It had been quite entertaining to watch her, for she had taken herself and her freedom so seriously, happy and intent as a child keeping house under the table. They had watched awhile in their condescending grown-up way, and now they approached her to end the game. Henry was ready to overlook her rebellion, his lips glistened with magnanimity; Caroline and Sibyl came smiling up to twine their arms round her waist; the innocent children of Fancy and Marion stretched out their hands to her and called her Aunt Lolly. And Titus, who had let them in, stood a little apart like a showman, and said, ‘You see, it’s all right. She’s just the same.’

They were all leagued against her. They were come out to seize on her soul. They were invulnerably sure of their prey.

‘No!’ she cried out, wildly clapping her hands together. ‘No! You shan’t get me. I won’t go back. I won’t.... Oh! Is there no help?’

The sound of her voice frightened her. She heard its desperate echo rouse the impassive wood. She raised her eyes and looked round her. The field was empty. She trembled, and felt cold. The sultry afternoon was over. Dusk{165} and a clammy chill seemed to creep out from among the darkening trees that waited there so stilly. It was as though autumn had come in the place of twilight, and the colourless dark hue of the field dazzled before her eyes. She stood in the middle of the field, waiting for an answer to her cry. There was no answer. And yet the silence that had followed it had been so intent, so deliberate, that it was like a pledge. If any listening power inhabited this place; if any grimly favourable power had been evoked by her cry; then surely a compact had been made, and the pledge irrevocably given.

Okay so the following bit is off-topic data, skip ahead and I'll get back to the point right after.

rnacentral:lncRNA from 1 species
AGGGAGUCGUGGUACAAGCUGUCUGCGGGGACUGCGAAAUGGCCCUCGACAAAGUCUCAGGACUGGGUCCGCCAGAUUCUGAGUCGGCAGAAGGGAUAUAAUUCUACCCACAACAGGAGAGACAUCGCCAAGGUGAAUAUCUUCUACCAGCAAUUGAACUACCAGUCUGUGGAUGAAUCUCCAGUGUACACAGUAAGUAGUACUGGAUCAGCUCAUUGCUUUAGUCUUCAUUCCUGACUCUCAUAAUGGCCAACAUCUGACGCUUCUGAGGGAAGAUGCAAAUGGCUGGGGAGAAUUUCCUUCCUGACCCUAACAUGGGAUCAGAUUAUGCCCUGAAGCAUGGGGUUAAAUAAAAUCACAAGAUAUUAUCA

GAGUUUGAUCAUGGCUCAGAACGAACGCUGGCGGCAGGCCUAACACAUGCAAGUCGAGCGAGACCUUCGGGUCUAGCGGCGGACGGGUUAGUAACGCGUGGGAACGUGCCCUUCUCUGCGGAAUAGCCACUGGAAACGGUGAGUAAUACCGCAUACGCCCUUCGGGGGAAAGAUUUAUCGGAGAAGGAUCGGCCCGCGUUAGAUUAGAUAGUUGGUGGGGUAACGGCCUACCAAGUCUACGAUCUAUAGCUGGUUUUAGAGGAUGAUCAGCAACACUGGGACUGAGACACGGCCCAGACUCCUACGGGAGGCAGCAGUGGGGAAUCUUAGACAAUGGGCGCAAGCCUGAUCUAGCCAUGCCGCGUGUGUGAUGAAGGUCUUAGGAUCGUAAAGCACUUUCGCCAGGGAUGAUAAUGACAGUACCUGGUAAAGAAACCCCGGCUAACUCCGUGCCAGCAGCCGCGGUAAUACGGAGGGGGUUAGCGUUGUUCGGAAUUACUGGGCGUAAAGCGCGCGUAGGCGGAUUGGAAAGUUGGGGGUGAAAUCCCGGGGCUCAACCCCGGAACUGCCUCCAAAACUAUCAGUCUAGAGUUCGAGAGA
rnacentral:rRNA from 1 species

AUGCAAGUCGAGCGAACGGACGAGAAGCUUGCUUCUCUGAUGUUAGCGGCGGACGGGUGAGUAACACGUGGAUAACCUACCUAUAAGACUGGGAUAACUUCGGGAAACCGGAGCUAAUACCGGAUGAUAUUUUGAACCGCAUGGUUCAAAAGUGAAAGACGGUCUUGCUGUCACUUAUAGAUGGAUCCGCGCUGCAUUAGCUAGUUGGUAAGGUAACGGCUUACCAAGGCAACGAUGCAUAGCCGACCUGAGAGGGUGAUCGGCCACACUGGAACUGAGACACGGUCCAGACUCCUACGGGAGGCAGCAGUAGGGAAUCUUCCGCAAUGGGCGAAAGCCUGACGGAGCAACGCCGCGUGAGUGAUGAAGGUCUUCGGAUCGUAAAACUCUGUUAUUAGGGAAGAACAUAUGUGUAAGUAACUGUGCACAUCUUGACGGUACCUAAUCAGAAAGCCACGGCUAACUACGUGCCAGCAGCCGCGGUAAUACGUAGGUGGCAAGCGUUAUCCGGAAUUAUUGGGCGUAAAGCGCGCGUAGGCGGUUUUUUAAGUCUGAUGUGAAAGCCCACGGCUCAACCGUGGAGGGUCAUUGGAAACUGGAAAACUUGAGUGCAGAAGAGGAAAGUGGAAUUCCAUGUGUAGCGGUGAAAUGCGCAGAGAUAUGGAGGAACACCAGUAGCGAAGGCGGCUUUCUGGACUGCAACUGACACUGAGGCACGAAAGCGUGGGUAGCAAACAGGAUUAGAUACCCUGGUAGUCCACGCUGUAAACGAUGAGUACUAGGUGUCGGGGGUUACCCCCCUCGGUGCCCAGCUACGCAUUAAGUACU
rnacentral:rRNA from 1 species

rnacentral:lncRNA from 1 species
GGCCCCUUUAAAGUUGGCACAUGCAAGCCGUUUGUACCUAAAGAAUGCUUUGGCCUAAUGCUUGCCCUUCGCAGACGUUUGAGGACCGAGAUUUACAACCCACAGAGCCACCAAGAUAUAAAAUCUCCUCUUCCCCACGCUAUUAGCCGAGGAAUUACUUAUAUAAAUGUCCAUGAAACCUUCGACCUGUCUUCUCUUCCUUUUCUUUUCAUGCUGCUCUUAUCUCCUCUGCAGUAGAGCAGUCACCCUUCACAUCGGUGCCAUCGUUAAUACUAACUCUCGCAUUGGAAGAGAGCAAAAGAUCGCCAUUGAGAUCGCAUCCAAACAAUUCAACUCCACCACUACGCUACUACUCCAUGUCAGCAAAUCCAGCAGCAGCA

She walked slowly towards the wood. She was incredibly fatigued; she could scarcely drag one foot after the other. Her mind was almost a blank. She had forgotten Titus; she had forgotten the long afternoon of frenzy and bewilderment. Everything was unreal except the silence that followed after her outcry. As she came to the edge of the wood she heard the mutter of heavy foliage. ‘No!’ the woods seemed to say, ‘No! We will not let you go.’

She walked home unheedingly, almost as though she were walking in her sleep. The chance contact with a briar or a tall weed sent drowsy tinglings through her flesh. It was with{166} surprise that she looked down from a hillside and saw the crouched roofs of the village before her.

The cottage was dark, Laura remembered that Mrs. Leak had said that she was going out to a lecture at the Congregational Hall that evening. As she unlocked the door she smiled at the thought of having the house all to herself. The passage was cool and smelt of linoleum. She heard the kitchen clock ticking pompously as if it, too, were pleased to have the house to itself. When Mrs. Leak went out and left the house empty, she was careful to lock the door of Laura’s parlour and to put the key under the case with the stuffed owl. Laura slid her fingers into the dark slit between the bottom of the case and the bracket. The key was cold and sleek; she liked the feel of it, and the obliging way it turned in the lock.